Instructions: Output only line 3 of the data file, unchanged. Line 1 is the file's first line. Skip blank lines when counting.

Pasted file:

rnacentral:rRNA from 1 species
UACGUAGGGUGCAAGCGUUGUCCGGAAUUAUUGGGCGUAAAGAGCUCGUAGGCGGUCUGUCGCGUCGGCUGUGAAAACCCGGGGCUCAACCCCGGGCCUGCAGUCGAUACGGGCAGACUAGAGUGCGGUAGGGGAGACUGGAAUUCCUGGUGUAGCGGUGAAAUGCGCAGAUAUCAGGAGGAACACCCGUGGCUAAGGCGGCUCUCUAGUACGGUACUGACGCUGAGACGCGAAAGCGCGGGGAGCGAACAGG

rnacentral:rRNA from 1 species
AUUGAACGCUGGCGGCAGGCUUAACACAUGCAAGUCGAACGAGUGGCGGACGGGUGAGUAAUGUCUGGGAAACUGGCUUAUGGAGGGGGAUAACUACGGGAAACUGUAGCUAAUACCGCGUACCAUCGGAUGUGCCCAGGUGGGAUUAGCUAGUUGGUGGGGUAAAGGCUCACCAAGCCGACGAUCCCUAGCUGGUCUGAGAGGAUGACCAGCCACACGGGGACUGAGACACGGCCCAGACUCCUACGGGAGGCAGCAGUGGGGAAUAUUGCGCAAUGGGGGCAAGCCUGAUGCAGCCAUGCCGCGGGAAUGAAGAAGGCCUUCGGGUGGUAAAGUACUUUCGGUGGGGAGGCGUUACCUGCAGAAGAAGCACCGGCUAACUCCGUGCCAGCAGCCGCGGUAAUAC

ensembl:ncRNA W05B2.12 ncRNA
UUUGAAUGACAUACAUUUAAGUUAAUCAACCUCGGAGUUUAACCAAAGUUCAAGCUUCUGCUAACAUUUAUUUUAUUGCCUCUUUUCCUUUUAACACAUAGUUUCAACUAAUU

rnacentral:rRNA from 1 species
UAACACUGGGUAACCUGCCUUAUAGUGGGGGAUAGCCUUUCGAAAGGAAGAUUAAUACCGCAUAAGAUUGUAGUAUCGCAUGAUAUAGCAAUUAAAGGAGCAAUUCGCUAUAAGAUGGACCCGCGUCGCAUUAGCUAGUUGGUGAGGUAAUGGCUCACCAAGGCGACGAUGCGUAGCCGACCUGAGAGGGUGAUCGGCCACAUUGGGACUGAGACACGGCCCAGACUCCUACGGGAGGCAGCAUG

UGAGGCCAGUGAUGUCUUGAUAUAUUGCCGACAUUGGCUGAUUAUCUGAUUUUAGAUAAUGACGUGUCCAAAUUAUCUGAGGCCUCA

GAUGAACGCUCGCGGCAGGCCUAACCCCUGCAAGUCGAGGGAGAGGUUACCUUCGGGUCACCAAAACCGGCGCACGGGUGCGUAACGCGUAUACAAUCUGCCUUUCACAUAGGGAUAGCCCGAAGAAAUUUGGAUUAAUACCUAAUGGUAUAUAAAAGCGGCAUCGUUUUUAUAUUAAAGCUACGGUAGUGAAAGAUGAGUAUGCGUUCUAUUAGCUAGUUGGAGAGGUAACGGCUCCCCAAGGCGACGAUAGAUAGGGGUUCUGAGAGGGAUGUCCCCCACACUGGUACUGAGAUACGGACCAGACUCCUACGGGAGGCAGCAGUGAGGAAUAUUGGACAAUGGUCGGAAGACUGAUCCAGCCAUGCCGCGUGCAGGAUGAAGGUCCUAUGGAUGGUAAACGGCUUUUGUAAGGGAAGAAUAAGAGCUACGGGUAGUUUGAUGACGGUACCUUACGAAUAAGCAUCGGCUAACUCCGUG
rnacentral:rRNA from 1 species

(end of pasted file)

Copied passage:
rnacentral:rRNA from 1 species